You can check on the Brick SEPTA website for all future events and meetings, with the next gathering taking place on Monday, November 14th, at the Educational Enrichment Center at 7:00 PM. Please know that all are welcome to attend, and I can guarantee the word welcome.
Just make sure you save room for that donut.
September 20, 2011
Today’s Gratitude Attitude is dedicated to my local SEPTA (Special Education PTA). I’ve been attending for years, and have never witnessed such a large crowd as at last night’s meeting. Our first get-together not only included parents, but also teachers, administrators, aides, and principals as well. It truly requires an entire continent to raise our kids, and I’d just like to say how appreciative I am that so many different factions were in the house last night. I’d also like to extend my gratitude for all the hard work the SEPTA board does for our families. Thank you for your time and contributions!
March 1, 2011
This week, an abundance of gratitude…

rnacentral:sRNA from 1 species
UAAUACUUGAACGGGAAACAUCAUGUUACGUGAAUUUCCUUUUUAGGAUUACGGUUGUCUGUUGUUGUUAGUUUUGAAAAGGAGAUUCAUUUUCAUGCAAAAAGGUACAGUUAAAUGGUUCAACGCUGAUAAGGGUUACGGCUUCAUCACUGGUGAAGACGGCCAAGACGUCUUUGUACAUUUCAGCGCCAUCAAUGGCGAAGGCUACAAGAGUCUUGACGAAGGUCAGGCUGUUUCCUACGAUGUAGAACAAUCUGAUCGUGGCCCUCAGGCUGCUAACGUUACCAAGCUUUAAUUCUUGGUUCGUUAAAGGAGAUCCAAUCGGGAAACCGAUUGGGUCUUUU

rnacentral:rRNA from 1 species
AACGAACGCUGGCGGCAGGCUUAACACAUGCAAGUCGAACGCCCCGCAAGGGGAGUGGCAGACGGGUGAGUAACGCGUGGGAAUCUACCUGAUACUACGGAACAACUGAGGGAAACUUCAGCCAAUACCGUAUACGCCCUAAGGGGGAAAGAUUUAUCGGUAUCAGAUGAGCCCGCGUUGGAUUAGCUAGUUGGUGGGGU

Many thanks to Audrey Wiener, East Brunswick SEPTA president, for inviting me to speak at last night’s meeting. It was a great audience, and I was thrilled for the opportunity. Thank you!
Also, a special thank-you to POAC (Parents of Autistic Children), particularly its gala committee and sponsors, for a wonderful evening Saturday night at the Eagle Ridge Golf Club. A great time was had by all. Thanks to everyone!
November 30, 2010
This week I simply have too much gratitude to thank just one person (aren’t I the lucky one?). First, I’d like to show my appreciation toward my family for helping to “manage” my children during Thanksgiving dinner. Justin tends to eat quickly and then view everyone else’s plate as a buffet, and I have to say it was lovely for Jeff and me to actually finish a meal for once without having to inhale it and then monitor him. We also appreciate all the other little nuances that went into making that day easier for us, and we ended up having a wonderful time. Thank you!
I’d also like to extend my gratitude to Mary Tara, our SEPTA president, and the rest of the executive board for allowing me to speak last night at the November meeting. It was a great audience (people actually laughed in the right places), one which was gracious enough to listen to me blatantly promote myself for twenty minutes after a long Monday. Thank you so much for giving me the opportunity, I truly appreciate it!